At 9pm, Chicago’s mighty ensemble took the stage while the crowd went down nostalgia lane as photos and footage of the band’s early years flashed on the big screen. There are still four original members of the band left (Robert Lamm/keys/vocals, Lee Loughnane/trumpet, James Pankow/trombone and Walt Parazaider/saxophones/flute), although Parazaider no longer tours. Rounding out the remainder of the band are Ray Hermann/saxophones/flute, Keith Howland/guitar/vocals, Lou Pardini/keyboards/vocals, Brett Simons/bass, Walfredo Reyes, Jr./drums, Ramon Yslas/percussion and Neil Donell/vocals/acoustic guitar.
In stark contrast to REO’s crowd-pleaser, Chicago left many fans disappointed and frustrated with their somewhat gratuitous offering of Chicago II (1970) in its entirety. The mammoth double-album is rife with socio-political themes of the day (“We were young and stupid and we felt we had something to prove.”) and meant to be heard sequentially, however, they played it out of side order. They opened their set with Side 2, which features “Ballet For A Girl In Buchannon,” the 7-song opus that spawned the hits “Make Me Smile” and “Colour My World.” I “kinda” get why they did it, since opening with “Make Me Smile” immediately got the crowd on-board – but it was short-lived. Rabid fans had to wait until the SEVENTEETH song for the band to throw them a bone – “25 Or 6 To 4” – the other hit from this record. At least it was a good one, and one they knew. But it was way too late in the game. The issue wasn’t really that they played the record; it was that they played it in order, without mixing in the hits. That’s just not something fans want to choke down, even diehards. In fairness to the band, it WAS publicly announced that this was their intention, and that they would play “the world’s longest encore” after the intermission (although this show didn’t have one).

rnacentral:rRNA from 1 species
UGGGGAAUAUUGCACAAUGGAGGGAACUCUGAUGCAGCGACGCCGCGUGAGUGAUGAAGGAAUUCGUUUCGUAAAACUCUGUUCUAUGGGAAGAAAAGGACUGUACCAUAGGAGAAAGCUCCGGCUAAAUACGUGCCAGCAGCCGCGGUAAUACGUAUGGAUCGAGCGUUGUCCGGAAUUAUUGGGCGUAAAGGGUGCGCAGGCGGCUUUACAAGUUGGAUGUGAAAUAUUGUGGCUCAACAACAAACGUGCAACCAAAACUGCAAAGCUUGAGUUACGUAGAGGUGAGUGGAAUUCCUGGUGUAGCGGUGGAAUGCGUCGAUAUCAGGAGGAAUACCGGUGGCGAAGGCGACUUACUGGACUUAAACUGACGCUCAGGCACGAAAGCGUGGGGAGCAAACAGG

One of the real highlights from Chicago II was the beautiful Terry Kath-penned “Memories Of Love,” with Pankow offering these heartfelt words before the song: “A big part of us was Terry Kath. He’s not with us anymore. Terry was the heart and soul of the band. He left us but left behind a little for us.”
Guitarist Howland’s blistering solo at the end of “Where Do We Go From Here” took the band into the last two songs of the second album, “It Better End Soon” and the Lamm classic, “25 Or 6 To 4,” with the new vocalist, Donell, slaying the erstwhile Peter Cetera vocals.
Finally through the second album, founding keyboardist/singer Lamm came down from the riser and addressed the audience. “So my name is Robert Lamm. I’m a founding member of Chicago.” After he went through the long list of band intros, the long-awaited stream of hits arrived for which the faithful flocked out. “This one goes out to my wife and kids and you.” And with acoustic guitar in hand, he launched into “Beginnings,” followed by “Dialogue (Part I & II),” “Call On Me” and “If You Leave Me Now.”
“Are you having fun Tampa? [A strategically placed question because many in this crowd definitely were NOT having fun a few minutes earlier, in fact there was a steady stream of people heading for the exit.] “It’s about the music, the fans and you. These next two are two of our favorites,” and they launched into “Does Anybody Really Know What Time It Is?” and “You’re The Inspiration,” followed by the Steve Winwood/Jimmy Miller/The Spencer Davis Group hit, “I’m a Man” with incredible drum/percussion solos, “Just You and Me,” “Hard For Me To Say I’m Sorry/Get Away,” “Saturday In The Park” and “Feelin’ Stronger Every Day.” The band is not doing an encore on this tour but just playing the hits straight through to the end.
Overall, it was a great night of music for those who chose to stay until the end. Musically, both bands are still in top form and continue to draw huge crowds to their shows.
Check out the full gallery of Chicago photos from Rock Legends Photographers.